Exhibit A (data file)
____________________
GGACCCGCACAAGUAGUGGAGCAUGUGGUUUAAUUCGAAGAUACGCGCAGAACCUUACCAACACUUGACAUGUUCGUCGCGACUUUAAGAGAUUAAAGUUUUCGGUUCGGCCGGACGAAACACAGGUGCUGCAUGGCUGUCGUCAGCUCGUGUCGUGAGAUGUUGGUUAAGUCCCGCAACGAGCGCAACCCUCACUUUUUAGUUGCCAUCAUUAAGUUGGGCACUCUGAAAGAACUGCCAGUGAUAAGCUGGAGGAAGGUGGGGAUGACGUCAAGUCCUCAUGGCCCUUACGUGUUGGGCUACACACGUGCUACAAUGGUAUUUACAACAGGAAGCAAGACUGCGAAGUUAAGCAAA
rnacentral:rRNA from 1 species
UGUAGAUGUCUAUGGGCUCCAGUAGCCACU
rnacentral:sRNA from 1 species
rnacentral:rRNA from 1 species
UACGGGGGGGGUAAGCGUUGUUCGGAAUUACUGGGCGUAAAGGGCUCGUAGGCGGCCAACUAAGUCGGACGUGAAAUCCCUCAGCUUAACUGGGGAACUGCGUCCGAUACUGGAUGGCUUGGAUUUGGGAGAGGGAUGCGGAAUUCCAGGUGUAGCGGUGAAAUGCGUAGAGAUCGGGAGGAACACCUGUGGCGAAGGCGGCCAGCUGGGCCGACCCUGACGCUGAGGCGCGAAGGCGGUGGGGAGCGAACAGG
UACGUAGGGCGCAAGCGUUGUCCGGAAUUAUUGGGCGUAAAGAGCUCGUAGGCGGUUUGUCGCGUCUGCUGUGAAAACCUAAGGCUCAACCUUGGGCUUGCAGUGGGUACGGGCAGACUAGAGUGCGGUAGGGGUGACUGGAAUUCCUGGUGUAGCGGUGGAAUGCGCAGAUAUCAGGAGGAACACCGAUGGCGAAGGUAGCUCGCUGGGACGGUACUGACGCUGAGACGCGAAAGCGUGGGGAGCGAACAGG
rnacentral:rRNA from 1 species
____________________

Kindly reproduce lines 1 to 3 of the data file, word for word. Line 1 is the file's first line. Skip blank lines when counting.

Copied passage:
GGACCCGCACAAGUAGUGGAGCAUGUGGUUUAAUUCGAAGAUACGCGCAGAACCUUACCAACACUUGACAUGUUCGUCGCGACUUUAAGAGAUUAAAGUUUUCGGUUCGGCCGGACGAAACACAGGUGCUGCAUGGCUGUCGUCAGCUCGUGUCGUGAGAUGUUGGUUAAGUCCCGCAACGAGCGCAACCCUCACUUUUUAGUUGCCAUCAUUAAGUUGGGCACUCUGAAAGAACUGCCAGUGAUAAGCUGGAGGAAGGUGGGGAUGACGUCAAGUCCUCAUGGCCCUUACGUGUUGGGCUACACACGUGCUACAAUGGUAUUUACAACAGGAAGCAAGACUGCGAAGUUAAGCAAA
rnacentral:rRNA from 1 species
UGUAGAUGUCUAUGGGCUCCAGUAGCCACU